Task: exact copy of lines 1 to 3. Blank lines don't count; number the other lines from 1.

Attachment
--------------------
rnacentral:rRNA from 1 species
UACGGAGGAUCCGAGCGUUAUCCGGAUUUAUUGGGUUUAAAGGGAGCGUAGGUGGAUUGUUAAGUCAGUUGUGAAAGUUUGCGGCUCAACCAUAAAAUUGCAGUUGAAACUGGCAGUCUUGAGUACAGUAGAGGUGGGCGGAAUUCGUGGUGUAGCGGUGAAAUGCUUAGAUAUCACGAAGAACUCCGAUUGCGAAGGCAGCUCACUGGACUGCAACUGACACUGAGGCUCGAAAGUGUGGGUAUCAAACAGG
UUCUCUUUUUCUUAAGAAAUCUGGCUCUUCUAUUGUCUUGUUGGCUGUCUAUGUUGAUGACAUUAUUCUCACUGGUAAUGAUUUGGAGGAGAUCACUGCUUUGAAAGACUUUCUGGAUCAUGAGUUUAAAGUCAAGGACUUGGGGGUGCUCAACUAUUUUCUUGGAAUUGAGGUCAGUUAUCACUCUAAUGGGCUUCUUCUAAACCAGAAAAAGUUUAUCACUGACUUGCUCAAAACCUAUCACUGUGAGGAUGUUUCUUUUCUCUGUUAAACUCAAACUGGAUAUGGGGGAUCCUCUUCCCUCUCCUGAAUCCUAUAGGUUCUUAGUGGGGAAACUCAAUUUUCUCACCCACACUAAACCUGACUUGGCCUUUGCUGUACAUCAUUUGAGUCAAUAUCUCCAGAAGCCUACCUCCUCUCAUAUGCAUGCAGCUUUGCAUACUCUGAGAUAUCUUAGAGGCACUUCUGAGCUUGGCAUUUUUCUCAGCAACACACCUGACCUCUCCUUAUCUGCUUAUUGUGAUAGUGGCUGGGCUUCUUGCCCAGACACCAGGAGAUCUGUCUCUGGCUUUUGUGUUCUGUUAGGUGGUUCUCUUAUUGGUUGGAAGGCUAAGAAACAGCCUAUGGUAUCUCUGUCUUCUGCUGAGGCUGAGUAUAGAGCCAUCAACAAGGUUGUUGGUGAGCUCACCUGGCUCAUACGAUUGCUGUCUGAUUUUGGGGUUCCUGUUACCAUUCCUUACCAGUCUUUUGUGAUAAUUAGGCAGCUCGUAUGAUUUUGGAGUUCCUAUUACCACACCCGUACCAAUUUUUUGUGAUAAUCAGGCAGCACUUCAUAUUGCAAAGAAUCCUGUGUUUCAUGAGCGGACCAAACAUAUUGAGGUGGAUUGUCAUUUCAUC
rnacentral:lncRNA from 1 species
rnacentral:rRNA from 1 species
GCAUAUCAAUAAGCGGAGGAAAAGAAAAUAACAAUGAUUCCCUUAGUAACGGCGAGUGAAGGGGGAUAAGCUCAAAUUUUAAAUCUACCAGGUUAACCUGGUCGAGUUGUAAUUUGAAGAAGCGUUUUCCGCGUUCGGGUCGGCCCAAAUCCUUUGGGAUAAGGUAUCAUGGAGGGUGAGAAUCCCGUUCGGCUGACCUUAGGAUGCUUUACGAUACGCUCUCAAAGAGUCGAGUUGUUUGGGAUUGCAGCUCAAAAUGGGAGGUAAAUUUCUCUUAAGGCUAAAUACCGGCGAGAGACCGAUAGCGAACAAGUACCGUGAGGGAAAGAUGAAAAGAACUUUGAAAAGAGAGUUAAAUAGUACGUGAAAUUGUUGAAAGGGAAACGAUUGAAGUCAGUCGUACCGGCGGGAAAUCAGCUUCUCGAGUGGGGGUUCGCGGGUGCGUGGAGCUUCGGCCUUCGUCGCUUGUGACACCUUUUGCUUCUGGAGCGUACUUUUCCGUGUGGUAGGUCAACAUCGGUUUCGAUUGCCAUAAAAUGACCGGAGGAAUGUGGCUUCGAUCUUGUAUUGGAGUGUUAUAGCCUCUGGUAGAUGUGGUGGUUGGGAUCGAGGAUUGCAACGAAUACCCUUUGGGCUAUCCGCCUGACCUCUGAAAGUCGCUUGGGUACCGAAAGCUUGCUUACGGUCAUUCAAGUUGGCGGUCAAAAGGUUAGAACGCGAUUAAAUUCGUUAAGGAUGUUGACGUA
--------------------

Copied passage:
rnacentral:rRNA from 1 species
UACGGAGGAUCCGAGCGUUAUCCGGAUUUAUUGGGUUUAAAGGGAGCGUAGGUGGAUUGUUAAGUCAGUUGUGAAAGUUUGCGGCUCAACCAUAAAAUUGCAGUUGAAACUGGCAGUCUUGAGUACAGUAGAGGUGGGCGGAAUUCGUGGUGUAGCGGUGAAAUGCUUAGAUAUCACGAAGAACUCCGAUUGCGAAGGCAGCUCACUGGACUGCAACUGACACUGAGGCUCGAAAGUGUGGGUAUCAAACAGG
UUCUCUUUUUCUUAAGAAAUCUGGCUCUUCUAUUGUCUUGUUGGCUGUCUAUGUUGAUGACAUUAUUCUCACUGGUAAUGAUUUGGAGGAGAUCACUGCUUUGAAAGACUUUCUGGAUCAUGAGUUUAAAGUCAAGGACUUGGGGGUGCUCAACUAUUUUCUUGGAAUUGAGGUCAGUUAUCACUCUAAUGGGCUUCUUCUAAACCAGAAAAAGUUUAUCACUGACUUGCUCAAAACCUAUCACUGUGAGGAUGUUUCUUUUCUCUGUUAAACUCAAACUGGAUAUGGGGGAUCCUCUUCCCUCUCCUGAAUCCUAUAGGUUCUUAGUGGGGAAACUCAAUUUUCUCACCCACACUAAACCUGACUUGGCCUUUGCUGUACAUCAUUUGAGUCAAUAUCUCCAGAAGCCUACCUCCUCUCAUAUGCAUGCAGCUUUGCAUACUCUGAGAUAUCUUAGAGGCACUUCUGAGCUUGGCAUUUUUCUCAGCAACACACCUGACCUCUCCUUAUCUGCUUAUUGUGAUAGUGGCUGGGCUUCUUGCCCAGACACCAGGAGAUCUGUCUCUGGCUUUUGUGUUCUGUUAGGUGGUUCUCUUAUUGGUUGGAAGGCUAAGAAACAGCCUAUGGUAUCUCUGUCUUCUGCUGAGGCUGAGUAUAGAGCCAUCAACAAGGUUGUUGGUGAGCUCACCUGGCUCAUACGAUUGCUGUCUGAUUUUGGGGUUCCUGUUACCAUUCCUUACCAGUCUUUUGUGAUAAUUAGGCAGCUCGUAUGAUUUUGGAGUUCCUAUUACCACACCCGUACCAAUUUUUUGUGAUAAUCAGGCAGCACUUCAUAUUGCAAAGAAUCCUGUGUUUCAUGAGCGGACCAAACAUAUUGAGGUGGAUUGUCAUUUCAUC